A cyst in any part of the body can be a sign of cancer or other negative health conditions, and this applies to ovarian cysts as well. While some women develop benign ovarian cysts that are not cancerous, these cysts can still cause several uncomfortable symptoms.
Cancerous cysts in the ovaries can quickly develop into more dangerous types of cancer, and ovarian cyst screenings are an important preventive measure against this.
Types of Ovarian Cysts
The ovaries are two small organs located on either side of the uterus. The ovaries house a woman’s eggs and release them periodically during the menstrual cycle.
The hormones created in the ovaries regulate menstruation and ovulation – the cycle of released eggs moving from the ovaries through the fallopian tubes. If a sperm cell fertilizes the egg, it results in pregnancy, and the fertilized egg will implant on the uterine wall and develop into a fetus.
If egg fertilization does not occur, the woman will flush it from her body during menstruation. A cyst is a sac filled with fluid, and ovarian cysts can form inside or outside the ovaries.
Follicles in the ovaries help eggs mature and then release them at the proper time. Functional cysts form when an ovarian follicle fails to dissolve after releasing a matured egg or fails to release a matured egg.
Polycystic ovary syndrome (PCOS) is a condition that affects the way eggs develop in the ovaries. Clusters of cysts form when these follicles fail to open at the appropriate time.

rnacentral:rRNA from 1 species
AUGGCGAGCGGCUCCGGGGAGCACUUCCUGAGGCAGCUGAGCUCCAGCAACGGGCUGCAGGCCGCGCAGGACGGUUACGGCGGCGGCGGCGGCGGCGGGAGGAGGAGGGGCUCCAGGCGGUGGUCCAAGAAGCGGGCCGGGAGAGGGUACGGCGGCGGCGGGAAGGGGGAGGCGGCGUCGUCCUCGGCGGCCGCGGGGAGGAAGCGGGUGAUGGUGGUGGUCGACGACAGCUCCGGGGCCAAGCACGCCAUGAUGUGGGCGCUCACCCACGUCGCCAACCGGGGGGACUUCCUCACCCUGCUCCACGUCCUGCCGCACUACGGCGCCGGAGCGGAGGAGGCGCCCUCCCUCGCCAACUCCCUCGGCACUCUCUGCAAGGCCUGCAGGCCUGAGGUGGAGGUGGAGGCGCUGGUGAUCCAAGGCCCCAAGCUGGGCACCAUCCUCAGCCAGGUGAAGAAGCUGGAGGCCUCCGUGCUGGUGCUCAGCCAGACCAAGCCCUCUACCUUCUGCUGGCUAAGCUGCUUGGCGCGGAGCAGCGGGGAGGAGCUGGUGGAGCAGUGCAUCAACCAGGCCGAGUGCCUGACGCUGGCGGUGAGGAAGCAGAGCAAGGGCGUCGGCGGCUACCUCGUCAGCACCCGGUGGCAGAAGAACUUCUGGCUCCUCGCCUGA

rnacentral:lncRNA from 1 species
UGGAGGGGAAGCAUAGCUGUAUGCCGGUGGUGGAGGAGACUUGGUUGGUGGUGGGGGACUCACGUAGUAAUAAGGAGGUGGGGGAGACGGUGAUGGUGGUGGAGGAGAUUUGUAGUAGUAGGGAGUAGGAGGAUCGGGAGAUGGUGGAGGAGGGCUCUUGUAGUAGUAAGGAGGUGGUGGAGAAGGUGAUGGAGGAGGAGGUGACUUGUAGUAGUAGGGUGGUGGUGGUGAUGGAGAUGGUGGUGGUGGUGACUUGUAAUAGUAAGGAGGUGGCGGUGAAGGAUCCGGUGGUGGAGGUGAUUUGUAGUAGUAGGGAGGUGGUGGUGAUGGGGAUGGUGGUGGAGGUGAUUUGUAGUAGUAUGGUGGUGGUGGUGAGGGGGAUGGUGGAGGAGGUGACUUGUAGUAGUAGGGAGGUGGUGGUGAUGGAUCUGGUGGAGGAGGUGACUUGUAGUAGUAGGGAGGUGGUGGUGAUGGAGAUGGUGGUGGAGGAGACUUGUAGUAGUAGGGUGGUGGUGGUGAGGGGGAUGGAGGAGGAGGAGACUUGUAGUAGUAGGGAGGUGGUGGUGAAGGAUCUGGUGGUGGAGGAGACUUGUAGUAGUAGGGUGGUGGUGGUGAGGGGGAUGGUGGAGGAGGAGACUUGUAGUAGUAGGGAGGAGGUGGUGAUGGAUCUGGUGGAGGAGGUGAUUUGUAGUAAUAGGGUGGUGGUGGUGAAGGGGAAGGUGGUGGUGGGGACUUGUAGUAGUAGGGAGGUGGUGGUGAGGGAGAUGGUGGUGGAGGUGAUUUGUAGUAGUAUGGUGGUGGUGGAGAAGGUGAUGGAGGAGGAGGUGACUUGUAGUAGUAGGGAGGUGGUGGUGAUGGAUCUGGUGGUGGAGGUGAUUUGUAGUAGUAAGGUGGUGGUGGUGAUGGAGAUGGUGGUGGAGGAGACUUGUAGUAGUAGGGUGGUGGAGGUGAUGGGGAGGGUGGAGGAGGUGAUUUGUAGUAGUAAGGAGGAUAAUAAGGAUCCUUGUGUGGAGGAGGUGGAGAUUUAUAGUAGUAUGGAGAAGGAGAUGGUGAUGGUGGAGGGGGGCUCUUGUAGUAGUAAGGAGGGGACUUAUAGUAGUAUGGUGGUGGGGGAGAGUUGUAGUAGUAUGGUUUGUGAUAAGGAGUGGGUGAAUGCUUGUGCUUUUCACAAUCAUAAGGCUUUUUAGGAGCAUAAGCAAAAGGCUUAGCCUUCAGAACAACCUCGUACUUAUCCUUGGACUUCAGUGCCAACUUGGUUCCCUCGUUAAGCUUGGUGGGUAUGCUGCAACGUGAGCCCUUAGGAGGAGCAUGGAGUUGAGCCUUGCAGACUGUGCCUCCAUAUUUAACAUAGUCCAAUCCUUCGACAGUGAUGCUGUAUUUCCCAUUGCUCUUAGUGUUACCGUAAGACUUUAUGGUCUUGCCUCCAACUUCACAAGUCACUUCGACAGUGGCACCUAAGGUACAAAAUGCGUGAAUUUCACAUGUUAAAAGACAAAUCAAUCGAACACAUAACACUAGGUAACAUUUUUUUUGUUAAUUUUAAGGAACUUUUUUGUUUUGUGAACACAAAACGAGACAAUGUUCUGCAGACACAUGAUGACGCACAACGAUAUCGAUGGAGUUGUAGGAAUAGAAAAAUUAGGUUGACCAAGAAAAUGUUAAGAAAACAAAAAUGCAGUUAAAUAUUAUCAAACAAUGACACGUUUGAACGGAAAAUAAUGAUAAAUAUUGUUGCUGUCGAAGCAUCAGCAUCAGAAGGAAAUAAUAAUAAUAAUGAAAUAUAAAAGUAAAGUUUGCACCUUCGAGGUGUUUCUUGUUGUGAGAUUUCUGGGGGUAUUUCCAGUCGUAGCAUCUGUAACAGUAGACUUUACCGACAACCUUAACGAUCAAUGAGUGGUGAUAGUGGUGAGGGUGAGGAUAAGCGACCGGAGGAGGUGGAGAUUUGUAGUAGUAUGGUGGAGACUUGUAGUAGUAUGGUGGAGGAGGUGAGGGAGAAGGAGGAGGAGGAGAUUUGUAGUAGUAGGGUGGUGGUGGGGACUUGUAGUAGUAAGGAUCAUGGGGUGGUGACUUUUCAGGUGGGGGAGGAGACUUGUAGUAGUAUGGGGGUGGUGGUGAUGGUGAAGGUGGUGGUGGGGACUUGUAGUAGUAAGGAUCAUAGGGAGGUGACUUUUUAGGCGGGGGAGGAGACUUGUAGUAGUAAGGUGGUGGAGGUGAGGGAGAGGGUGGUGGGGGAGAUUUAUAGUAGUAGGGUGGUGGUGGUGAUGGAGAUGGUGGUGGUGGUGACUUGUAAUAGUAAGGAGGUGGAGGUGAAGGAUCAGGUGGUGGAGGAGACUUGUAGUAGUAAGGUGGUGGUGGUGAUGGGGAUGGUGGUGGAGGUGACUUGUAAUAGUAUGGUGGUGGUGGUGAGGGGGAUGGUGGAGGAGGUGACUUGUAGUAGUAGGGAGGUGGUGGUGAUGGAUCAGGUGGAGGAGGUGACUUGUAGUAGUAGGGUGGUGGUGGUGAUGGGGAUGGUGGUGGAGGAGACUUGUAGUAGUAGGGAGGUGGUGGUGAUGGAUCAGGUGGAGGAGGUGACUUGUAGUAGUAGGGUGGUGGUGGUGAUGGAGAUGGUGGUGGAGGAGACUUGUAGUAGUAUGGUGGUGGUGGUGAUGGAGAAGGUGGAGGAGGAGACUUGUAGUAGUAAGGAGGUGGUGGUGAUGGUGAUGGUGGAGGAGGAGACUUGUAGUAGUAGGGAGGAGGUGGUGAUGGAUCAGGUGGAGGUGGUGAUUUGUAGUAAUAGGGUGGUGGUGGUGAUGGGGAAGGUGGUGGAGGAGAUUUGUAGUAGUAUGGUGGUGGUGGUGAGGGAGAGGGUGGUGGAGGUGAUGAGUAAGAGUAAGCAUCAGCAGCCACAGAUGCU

Endometriosis is a medical condition that affects the uterine walls. Tissue from the lining of the uterus grows improperly, causing severe menstrual cramps and other symptoms. In some cases, these tissues can accumulate in other parts of the body, including the ovaries.
When endometriosis causes endometriomas to form on the ovaries, this can impact fertility and cause extreme pain.
These are fluid-filled cysts that form on the surface of the ovaries.
These cysts contain cells similar to the ones found in other parts of the body such as the hair, teeth and nails.
What Are Ovarian Cysts: The Symptoms
Some women develop ovarian cysts and do not notice any adverse symptoms for quite a long time. However, screenings are very important, because some types of ovarian tumors share similar traits with ovarian cysts.
While noncancerous, benign tumors may pose no threat and are often easily removable with surgery, malignant cancerous tumors can spread cancer to other areas of the body and require immediate attention. It is, unfortunately, common for ovarian cancer to spread before detection.
Some of the most common symptoms of ovarian tumors and cysts include:
- Pain during sexual intercourse
- Abnormally painful menstrual cramps
- Weight gain
- Loss of appetite, coupled with nausea and possibly vomiting
- Throbbing aches in the lower back
- Increased frequency of urination
- Difficulty urinating
- Abdominal pain and bloating
Women who experience these symptoms should see a doctor immediately for a screening. Most ovarian cysts and tumors are detectable during a routine pelvic exam, and a gynecologist will likely refer the patient to additional screenings after detecting a suspicious lump or other sign of a cyst or tumor.